China Company Scraps Deal for Hollywood's Millennium FilmsBloomberg News
Purchase to continue after Recon drops original plan, Xia says
Chinese government steps up scrutiny of outbound deals
Recon Wenyuan Cable Co., a wire and cable company controlled by Chinese businessman Tony Xia, has scrapped plans to buy U.S.-based Millennium Films amid a Chinese government campaign to discourage some overseas purchases.
Instead, Xia will pursue the deal through an unspecified unlisted entity, he said in a Twitter post Thursday.
Recon Wenyuan said it and the seller had agreed not to pursue the deal, because the transaction cannot be completed by a deadline set at Aug. 31, according to a regulatory statement on Thursday. Recon Wenyuan will instead pursue “strategic cooperation” with Millennium Films, according to the statement.
Recon Group representatives declined to comment beyond Wenyuan’s statement. Xia couldn’t be reached for comment.
Recon Wenyuan shares fell 1.3 percent to close at 9.35 yuan in Shenzhen trading Thursday.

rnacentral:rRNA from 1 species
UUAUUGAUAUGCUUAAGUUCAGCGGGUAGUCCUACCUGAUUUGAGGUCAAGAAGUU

Chinese authorities heightened their campaign to curb some overseas deals this month as part of a drive to reduce leverage and risk in the financial system. The restrictions target companies making investments abroad in areas such as real estate, hotels, entertainment and sports clubs.
Founded in 1996 by Avi Lerner and Trevor Short, Los Angeles-based Millennium Films produced the three “Expendables” movies, according to researcher Box Office Mojo. The company produces, finances and handles international sales for five to eight star-driven movies a year, generally with budgets of between $20 million and $80 million, according to its website.
Last year, Xia’s Recon Group bought the U.K.’s Aston Villa soccer team from former Cleveland Browns owner Randy Lerner.
— With assistance by Jing Yang De Morel